To hear Louise Glück tell it, even the most distant goodbyes cut deep.
The Pulitzer Prize-winning poet, or someone like her, exists at the center of “A Work of Fiction.” In that short piece, just a paragraph or so in length, Glück stares sad-eyed into the vacuum left by a book’s ending.
The stories we absorb are meant to be threads, not terminuses. They bind plots and people together, making neighbor-love seem like a story we’ve heard somewhere before even as so many pages sit unwritten.
“As I turned over the last page, after many nights, a wave of sorrow enveloped me,” she writes. “Where had they all gone, these people who had seemed so real?”
The speaker steps into the equal blackness of the night for a cigarette’s consolation. No doubt its warmth stills her; it also silently accents her isolation, its glow “like a fire lit by a survivor.”
“But who would see this light, this small dot among the infinite stars?” she asks. Certainly not those she left on the page. As the cigarette burns down, she senses it disappearing—not unlike the story itself—somewhere into her being.
“How small it was, how brief,” she writes. “Brief, brief, but inside me now, which the stars could never be.”
The scenes I live out are less romantic, but the sentiment stretches from Glück’s world into my own. I know what it is to miss someone who lives in the space between a writer’s imagination and my own, true men and women of letters who cease when the final period is placed.
Growing up, I experienced sincere bereavement when a TV show faded to black for the last time or a movie’s credits rolled. When That ‘70s Show took its bow, pangs of melancholy attended the recognition that I would not be able to follow these characters forward into the future. The final refrain of a movie like That Thing You Do sounded out my sadness at not having another moment to spend in the company of Guy and Faye.
This sense of lack traveled from the screen to the page as my relationship with literature deepened. In recent years, I grieved the end of James Baldwin’s If Beale Street Could Talk. Acute pain accompanied the knowledge that there were no more miles to go—hard as they were—with Fonny and Tish, no more time to live with them between the dizzy light of their love and the cold New York concrete beneath their feet.
Just a few more minutes to shake some sense into the protagonist of Chigozie Obioma’s An Orchestra of Minorities; a chance to watch Jojo and Kayla grow up beyond the end of Jesmyn Ward’s Sing, Unburied, Sing; another conversation with Don Gately, the drug counselor in David Foster Wallace’s Infinite Jest.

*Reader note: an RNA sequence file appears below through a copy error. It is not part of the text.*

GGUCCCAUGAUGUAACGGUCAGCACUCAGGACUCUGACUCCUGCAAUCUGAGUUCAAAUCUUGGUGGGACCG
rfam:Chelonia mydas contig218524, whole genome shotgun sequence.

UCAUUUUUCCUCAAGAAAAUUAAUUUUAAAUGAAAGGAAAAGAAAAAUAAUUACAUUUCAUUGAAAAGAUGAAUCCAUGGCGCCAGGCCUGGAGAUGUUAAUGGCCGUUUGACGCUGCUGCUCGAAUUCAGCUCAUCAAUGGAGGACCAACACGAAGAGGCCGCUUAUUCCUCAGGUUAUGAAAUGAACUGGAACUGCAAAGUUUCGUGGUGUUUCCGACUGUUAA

The emptiness that attends the final open-and-shut of these books has little to do with the closure—or cracks of further light—the author leaves behind. Just a few cases find me wanting to interrupt or change a character’s odyssey; I simply crave a few more pages with people whose pain and ecstasy feels like my own.
The best literature leaves us looking not for conventional character types, but similar traces of love, loneliness, and disorientation in the people who move around us.
In a great work of fiction, we find the outline of what it means to rejoice and mourn with those who do the same. If we are left with any comfort at these stories’ ends, it comes as they train our eyes to see similar characters in our everyday lives. The imaginary people we miss live on in real faces we encounter on the bus, at church, in the grocery store or a doctor’s waiting room.
The best literature leaves us looking not for conventional character types, but similar traces of love, loneliness, and disorientation in the people who move around us. Rather than shake a fist at my favorite authors, I need to thank them. The steps I take toward loving my neighbor often begin with loving fictional characters as myself.
I long to love my neighbors well, to draw from natural reservoirs of kindness and generosity. But what I imagine and what I muster often are two different things. I fail in word and deed, withholding affirmation and acts of mercy for fear of tripping over my own two feet.
My compass appears broken; it either rests or spins wildly, completing the same circles at a dangerous rate of speed. I lack the sense of direction and perception necessary to recognize the arc of someone’s story, then enter that story with grace. In a work of fiction, the door opens for me. The author lays out all I need to see, know and wrestle with someone created out of ink and white space. If only it were so easy for characters built with flesh and blood.
The nights I spend turning pages before turning out the light extend chances to practice reading between the lines of a life and seeing someone as they really are. I pray the loss I feel works its way down my spine and into my feet so I might lose myself in someone else’s true story.
Time spent with a good book, in the company of its flawed and fertile characters, is never wasted. We are living out chapters within a great storybook; narrative connects us to something fundamentally human within. The stories we absorb are meant to be threads, not terminuses. They bind plots and people together, making neighbor-love seem like a story we’ve heard somewhere before even as so many pages sit unwritten.